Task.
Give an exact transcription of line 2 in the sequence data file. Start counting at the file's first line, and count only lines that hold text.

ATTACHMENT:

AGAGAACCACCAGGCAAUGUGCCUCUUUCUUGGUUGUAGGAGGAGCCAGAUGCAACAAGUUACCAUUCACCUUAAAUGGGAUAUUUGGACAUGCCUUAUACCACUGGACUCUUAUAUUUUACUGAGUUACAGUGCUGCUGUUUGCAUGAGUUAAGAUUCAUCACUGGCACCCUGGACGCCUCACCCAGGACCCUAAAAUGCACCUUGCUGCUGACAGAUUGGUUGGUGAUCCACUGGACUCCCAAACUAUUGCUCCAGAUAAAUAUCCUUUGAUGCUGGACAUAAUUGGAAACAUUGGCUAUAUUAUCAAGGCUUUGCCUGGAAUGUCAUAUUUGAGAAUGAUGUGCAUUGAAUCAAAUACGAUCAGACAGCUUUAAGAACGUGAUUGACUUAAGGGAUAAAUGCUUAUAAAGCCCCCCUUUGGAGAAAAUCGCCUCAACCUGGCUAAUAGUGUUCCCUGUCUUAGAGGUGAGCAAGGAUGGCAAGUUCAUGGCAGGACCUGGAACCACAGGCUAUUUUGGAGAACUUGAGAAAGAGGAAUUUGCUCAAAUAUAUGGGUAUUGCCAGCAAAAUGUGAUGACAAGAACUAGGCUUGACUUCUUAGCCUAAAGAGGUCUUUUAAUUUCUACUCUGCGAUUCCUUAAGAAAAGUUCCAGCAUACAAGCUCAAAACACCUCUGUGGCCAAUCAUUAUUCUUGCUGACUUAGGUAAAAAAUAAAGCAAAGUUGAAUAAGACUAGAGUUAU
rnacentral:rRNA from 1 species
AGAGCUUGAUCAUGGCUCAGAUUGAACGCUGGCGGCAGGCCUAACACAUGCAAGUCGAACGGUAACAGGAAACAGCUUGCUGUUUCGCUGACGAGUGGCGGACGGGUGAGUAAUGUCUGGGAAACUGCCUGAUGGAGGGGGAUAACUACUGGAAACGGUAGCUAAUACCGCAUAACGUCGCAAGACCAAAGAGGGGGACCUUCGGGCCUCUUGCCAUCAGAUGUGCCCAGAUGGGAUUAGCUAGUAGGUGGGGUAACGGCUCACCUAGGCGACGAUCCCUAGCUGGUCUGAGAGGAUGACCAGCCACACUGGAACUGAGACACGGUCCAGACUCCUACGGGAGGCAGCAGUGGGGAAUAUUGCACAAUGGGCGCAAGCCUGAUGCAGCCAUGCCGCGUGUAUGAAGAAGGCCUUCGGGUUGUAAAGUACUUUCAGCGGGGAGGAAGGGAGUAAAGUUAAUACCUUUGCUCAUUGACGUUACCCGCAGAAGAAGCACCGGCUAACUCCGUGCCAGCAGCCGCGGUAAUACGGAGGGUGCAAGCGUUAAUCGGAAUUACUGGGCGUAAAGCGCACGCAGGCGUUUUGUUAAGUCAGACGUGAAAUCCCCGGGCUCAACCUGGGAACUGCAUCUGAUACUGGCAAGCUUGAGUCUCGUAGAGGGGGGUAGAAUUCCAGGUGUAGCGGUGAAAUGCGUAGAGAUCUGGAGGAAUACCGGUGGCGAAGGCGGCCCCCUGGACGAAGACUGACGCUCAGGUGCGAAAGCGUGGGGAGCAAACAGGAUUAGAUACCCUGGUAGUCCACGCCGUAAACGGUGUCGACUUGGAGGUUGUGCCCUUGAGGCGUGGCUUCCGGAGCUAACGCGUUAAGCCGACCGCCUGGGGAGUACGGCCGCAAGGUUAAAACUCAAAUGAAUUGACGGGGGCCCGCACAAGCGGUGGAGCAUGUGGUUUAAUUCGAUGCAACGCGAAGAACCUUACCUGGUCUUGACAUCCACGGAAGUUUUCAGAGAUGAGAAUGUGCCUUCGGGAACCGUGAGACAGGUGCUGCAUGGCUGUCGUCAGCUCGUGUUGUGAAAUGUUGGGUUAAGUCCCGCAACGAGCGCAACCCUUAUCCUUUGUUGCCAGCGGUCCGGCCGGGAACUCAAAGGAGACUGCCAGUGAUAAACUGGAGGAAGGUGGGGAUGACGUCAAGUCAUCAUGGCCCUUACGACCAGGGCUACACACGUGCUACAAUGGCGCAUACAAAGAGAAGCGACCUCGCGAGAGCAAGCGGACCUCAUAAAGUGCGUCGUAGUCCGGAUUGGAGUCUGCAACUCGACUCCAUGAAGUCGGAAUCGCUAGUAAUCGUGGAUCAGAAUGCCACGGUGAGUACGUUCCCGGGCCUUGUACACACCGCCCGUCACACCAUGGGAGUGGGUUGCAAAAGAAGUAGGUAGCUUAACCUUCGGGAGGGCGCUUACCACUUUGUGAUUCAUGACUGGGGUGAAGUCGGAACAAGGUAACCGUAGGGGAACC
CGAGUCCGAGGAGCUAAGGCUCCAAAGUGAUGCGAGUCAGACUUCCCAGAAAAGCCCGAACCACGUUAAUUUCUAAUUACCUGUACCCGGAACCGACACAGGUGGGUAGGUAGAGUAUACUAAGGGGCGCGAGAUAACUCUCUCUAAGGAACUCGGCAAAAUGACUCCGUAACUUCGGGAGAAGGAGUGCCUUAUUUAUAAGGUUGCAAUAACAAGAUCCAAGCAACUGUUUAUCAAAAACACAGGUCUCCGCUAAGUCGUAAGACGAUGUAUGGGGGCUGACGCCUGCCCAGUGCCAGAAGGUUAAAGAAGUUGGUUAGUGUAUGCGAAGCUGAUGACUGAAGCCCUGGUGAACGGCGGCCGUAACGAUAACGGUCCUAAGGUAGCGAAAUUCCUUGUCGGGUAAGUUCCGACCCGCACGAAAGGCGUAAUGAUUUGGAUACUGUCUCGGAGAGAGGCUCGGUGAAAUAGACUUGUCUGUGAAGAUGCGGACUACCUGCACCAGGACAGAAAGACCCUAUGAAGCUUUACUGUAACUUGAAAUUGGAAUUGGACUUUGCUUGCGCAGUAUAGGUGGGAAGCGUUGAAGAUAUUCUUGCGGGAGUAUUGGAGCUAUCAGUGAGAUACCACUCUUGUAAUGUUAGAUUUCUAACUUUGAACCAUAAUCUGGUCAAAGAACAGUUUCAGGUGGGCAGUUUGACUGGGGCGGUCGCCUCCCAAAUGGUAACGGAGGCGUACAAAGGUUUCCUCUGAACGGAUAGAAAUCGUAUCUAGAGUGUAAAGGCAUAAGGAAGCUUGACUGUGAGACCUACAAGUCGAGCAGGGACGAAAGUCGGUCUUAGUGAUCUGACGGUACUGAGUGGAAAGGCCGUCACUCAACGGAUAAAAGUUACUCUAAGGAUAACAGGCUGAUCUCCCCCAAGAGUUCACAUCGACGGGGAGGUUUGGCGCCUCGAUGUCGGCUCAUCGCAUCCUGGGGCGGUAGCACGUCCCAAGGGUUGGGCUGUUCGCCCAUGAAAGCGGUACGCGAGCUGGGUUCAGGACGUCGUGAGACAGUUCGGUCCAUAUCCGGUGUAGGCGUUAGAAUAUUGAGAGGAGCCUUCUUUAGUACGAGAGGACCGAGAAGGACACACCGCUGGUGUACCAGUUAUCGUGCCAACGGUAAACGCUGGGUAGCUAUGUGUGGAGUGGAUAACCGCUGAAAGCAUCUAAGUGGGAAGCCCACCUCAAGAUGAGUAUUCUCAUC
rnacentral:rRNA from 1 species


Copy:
rnacentral:rRNA from 1 species